Liberal MLA Mike de Jong was in Campbell River for a “job interview” on Wednesday.
The position he’s applying for?
Premier of B.C.
“I call these job interviews,” de Jong told a crowd of about 22 Liberal supporters at the Discovery Inn. “I am applying for a job and you are the hiring committee. It’s quite a job you have, not only picking the leader of the (Liberal) party but the next premier.”
De Jong has been travelling the province conducting “job interviews” while on his Open Mike Tour. He says B.C. needs a top salesman, a role de Jong believes he can fit right into.
“The premier needs to set the tone in attracting investment from the rest of the world into British Columbia,” says de Jong.
B.C. needs to capitalize on the fact it is a land bridge between North America and the world’s second largest market, China, and an emerging world market, India, says de Jong.
“We need to sell these countries on using our wood products because they are environmentally sustainable and that they should be buying from British Columbia because we have the best product in the world,” he says.
De Jong stressed that all of B.C.’s natural resources, including electricity and minerals such as coal and copper, need to be better utilized.
He also suggested the province produce clean, green electricity not only for itself, but for the rest of North America.
“I want us to be the party that tells British Columbia what we’re for – I’m for hydroelectric generation; I am for run-of-river projects,” says de Jong. “I’m sick of all these people who only tell you what they’re against.”
He makes no secret of the fact he supports the Harmonized Sales Tax (HST) and would like to see the referendum moved up to June, if possible.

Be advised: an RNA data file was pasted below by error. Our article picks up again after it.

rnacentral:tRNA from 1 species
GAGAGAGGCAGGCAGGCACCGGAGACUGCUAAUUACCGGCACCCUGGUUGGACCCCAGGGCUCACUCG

De Jong says he would rather put a dent in the B.C.’s $1.7 billion deficit with the HST than by raising personal income tax or making cuts to essential services.
De Jong has also been lobbying for a more transparent government, acknowledging that all British Columbians should have the right to know where their money is going in order to gain their trust.
“All MLA’s are given travel expenses. It’s your money and we should be prepared to post how we spend it, we should lay out what we’re doing with your money. In the past year (as attorney general) I’ve had great difficulty in making that happen – I don’t know why, if they have nothing to hide there shouldn’t be a problem,” says de Jong.
The Abbotsford West MLA has other ideas unique from the five other hopefuls vying for Liberal party leader.
De Jong says he is concerned about the lack of eligible voters that actually cast a ballot and one way to remedy that could be to change the voting age to 16.
“I worry tremendously about general electoral apathy,” says de Jong. “We puff our chests out that we won 46 per cent of the vote (in the last election) but actually we won 23 per cent of the vote because only half of the people eligible to vote, did.
“As Grade 12’s are graduating, we tell them they’re now a full member of society. If we really believe that, then let them vote. Teens are focused. I want them to vote,” says de Jong who added that a civics course could be added to the high school curriculum.
De Jong is also so far the only candidate to advocate downsizing the government’s 24-member cabinet.
“Our cabinet has been the largest ever in the history of the province,” says de Jong. “Well, we can have a smaller cabinet. We can do our work with less than 20 cabinet members.”
De Jong says it would show British Columbians that government can “do more with less” but the proposal has not made him any new friends in the legislature.
He says he has, however, maintained a good relationship with the other leadership candidates.
“I am friends with all of them and I actually like them all,” says de Jong. “We can’t lose sight of the fact we’re all on the same team. We’ve all got to lock arms and sing Kumbaya around the campfire on Feb. 27.”
De Jong says he will work with whoever is “hired” or the party faces a defeat at the hands of the NDP in the next election.